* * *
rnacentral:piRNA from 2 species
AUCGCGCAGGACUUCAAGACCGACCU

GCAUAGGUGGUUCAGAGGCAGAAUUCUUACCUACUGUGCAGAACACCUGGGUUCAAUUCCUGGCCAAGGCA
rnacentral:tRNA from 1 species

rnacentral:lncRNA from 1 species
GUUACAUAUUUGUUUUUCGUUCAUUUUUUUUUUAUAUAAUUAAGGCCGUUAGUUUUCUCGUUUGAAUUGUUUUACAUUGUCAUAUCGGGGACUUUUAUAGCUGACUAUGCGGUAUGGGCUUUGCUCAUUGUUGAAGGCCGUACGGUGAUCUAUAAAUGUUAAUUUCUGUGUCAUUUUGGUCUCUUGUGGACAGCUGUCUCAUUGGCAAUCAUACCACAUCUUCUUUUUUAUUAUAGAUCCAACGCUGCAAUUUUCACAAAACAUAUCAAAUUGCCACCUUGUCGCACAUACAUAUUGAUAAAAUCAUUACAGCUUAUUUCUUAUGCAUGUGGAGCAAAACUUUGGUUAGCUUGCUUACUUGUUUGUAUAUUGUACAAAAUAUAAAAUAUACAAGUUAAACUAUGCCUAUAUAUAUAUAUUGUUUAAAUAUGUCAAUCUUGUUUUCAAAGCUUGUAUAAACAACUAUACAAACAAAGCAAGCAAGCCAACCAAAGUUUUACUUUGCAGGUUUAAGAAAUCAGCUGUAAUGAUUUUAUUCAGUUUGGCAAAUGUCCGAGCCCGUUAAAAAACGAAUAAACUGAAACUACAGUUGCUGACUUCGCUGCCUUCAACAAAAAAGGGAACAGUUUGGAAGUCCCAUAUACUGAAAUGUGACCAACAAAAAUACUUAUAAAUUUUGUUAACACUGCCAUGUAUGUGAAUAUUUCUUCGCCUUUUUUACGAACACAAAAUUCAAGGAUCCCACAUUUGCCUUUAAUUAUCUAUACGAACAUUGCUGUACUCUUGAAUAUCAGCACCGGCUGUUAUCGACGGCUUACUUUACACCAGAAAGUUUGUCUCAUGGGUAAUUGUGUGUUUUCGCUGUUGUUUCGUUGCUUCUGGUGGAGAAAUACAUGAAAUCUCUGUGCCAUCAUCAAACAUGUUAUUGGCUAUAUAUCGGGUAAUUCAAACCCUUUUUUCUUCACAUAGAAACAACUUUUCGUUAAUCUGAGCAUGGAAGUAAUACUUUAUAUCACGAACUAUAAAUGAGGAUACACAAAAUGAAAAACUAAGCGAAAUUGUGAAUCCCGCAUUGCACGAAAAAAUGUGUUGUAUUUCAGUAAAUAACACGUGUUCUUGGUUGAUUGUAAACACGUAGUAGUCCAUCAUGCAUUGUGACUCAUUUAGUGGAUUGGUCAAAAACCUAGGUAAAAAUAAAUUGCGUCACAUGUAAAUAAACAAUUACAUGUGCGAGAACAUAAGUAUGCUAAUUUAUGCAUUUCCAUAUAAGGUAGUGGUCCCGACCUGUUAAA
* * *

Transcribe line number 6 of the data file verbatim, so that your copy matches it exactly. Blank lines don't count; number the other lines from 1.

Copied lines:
GUUACAUAUUUGUUUUUCGUUCAUUUUUUUUUUAUAUAAUUAAGGCCGUUAGUUUUCUCGUUUGAAUUGUUUUACAUUGUCAUAUCGGGGACUUUUAUAGCUGACUAUGCGGUAUGGGCUUUGCUCAUUGUUGAAGGCCGUACGGUGAUCUAUAAAUGUUAAUUUCUGUGUCAUUUUGGUCUCUUGUGGACAGCUGUCUCAUUGGCAAUCAUACCACAUCUUCUUUUUUAUUAUAGAUCCAACGCUGCAAUUUUCACAAAACAUAUCAAAUUGCCACCUUGUCGCACAUACAUAUUGAUAAAAUCAUUACAGCUUAUUUCUUAUGCAUGUGGAGCAAAACUUUGGUUAGCUUGCUUACUUGUUUGUAUAUUGUACAAAAUAUAAAAUAUACAAGUUAAACUAUGCCUAUAUAUAUAUAUUGUUUAAAUAUGUCAAUCUUGUUUUCAAAGCUUGUAUAAACAACUAUACAAACAAAGCAAGCAAGCCAACCAAAGUUUUACUUUGCAGGUUUAAGAAAUCAGCUGUAAUGAUUUUAUUCAGUUUGGCAAAUGUCCGAGCCCGUUAAAAAACGAAUAAACUGAAACUACAGUUGCUGACUUCGCUGCCUUCAACAAAAAAGGGAACAGUUUGGAAGUCCCAUAUACUGAAAUGUGACCAACAAAAAUACUUAUAAAUUUUGUUAACACUGCCAUGUAUGUGAAUAUUUCUUCGCCUUUUUUACGAACACAAAAUUCAAGGAUCCCACAUUUGCCUUUAAUUAUCUAUACGAACAUUGCUGUACUCUUGAAUAUCAGCACCGGCUGUUAUCGACGGCUUACUUUACACCAGAAAGUUUGUCUCAUGGGUAAUUGUGUGUUUUCGCUGUUGUUUCGUUGCUUCUGGUGGAGAAAUACAUGAAAUCUCUGUGCCAUCAUCAAACAUGUUAUUGGCUAUAUAUCGGGUAAUUCAAACCCUUUUUUCUUCACAUAGAAACAACUUUUCGUUAAUCUGAGCAUGGAAGUAAUACUUUAUAUCACGAACUAUAAAUGAGGAUACACAAAAUGAAAAACUAAGCGAAAUUGUGAAUCCCGCAUUGCACGAAAAAAUGUGUUGUAUUUCAGUAAAUAACACGUGUUCUUGGUUGAUUGUAAACACGUAGUAGUCCAUCAUGCAUUGUGACUCAUUUAGUGGAUUGGUCAAAAACCUAGGUAAAAAUAAAUUGCGUCACAUGUAAAUAAACAAUUACAUGUGCGAGAACAUAAGUAUGCUAAUUUAUGCAUUUCCAUAUAAGGUAGUGGUCCCGACCUGUUAAA